It started with a phone call.
As the coronavirus gripped Columbus, Ohio, in late March, members of a volunteer organization called Can't Stop CBus, which formed in response to the pandemic, decided to launch a mobile concert series that could bring curbside music to residents quarantined inside. There was one problem. They needed a vehicle to make it happen.
Jordan Davis, director of Smart Columbus, called Rick Ricart, president of Ricart Automotive Group, to see if he could lend a truck.
"She said, 'We have this idea, what do you think?' " Ricart said. "Within two seconds of hearing about it, my first question was 'How many trucks do you need?' She said 'We need just one.' And I said, 'Well, you're going to need two.' "
By mid-July, he had committed three Ford F-150s to the Curbside Concert series, and they had provided transportation for 37 local musicians, who performed 450 concerts to older and vulnerable residents who remained isolated from friends and family.
But Ricart, 40, has played a more active role in the project than merely handing over the keys. When musicians kept blowing fuses on the trucks by plugging their equipment into the F-150s' back-seat outlets, the dealership purchased rechargeable, battery-powered equipment. Ricart himself — sometimes clad in a black leather Australian-Outback-style hat — has driven the trucks to their gigs.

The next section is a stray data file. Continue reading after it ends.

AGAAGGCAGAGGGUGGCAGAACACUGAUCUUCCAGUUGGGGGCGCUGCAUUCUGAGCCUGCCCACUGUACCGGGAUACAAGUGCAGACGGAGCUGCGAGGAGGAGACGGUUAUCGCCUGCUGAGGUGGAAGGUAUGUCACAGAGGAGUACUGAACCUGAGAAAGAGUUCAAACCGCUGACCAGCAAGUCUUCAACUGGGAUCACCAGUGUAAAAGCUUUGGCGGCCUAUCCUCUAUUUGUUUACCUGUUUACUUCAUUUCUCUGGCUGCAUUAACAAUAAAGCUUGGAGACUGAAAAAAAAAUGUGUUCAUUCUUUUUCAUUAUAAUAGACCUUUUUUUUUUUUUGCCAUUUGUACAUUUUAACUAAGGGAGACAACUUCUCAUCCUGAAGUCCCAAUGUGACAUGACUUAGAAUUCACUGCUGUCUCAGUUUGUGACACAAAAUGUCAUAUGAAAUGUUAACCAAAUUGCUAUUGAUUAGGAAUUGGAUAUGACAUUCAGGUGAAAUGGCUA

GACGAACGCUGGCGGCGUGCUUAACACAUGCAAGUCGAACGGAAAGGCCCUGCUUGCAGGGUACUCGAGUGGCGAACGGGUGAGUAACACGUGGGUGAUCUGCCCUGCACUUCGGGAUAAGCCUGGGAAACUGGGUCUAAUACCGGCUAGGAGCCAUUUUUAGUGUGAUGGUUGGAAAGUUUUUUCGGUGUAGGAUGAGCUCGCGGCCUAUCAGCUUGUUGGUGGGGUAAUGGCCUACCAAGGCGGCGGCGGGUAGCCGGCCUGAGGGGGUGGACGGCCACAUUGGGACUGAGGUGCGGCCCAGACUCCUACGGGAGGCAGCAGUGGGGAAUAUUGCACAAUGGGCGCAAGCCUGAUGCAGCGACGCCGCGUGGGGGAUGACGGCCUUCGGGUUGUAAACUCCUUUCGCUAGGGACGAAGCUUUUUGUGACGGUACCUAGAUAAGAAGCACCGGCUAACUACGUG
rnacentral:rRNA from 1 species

Family members can submit a request for the weekend performances on the Can't Stop CBus website. The musicians will play from the truck bed at the curb or driveway for residents, who listen from their porches.
For some residents, the concerts have been about their only contact with the outside world during the quarantine.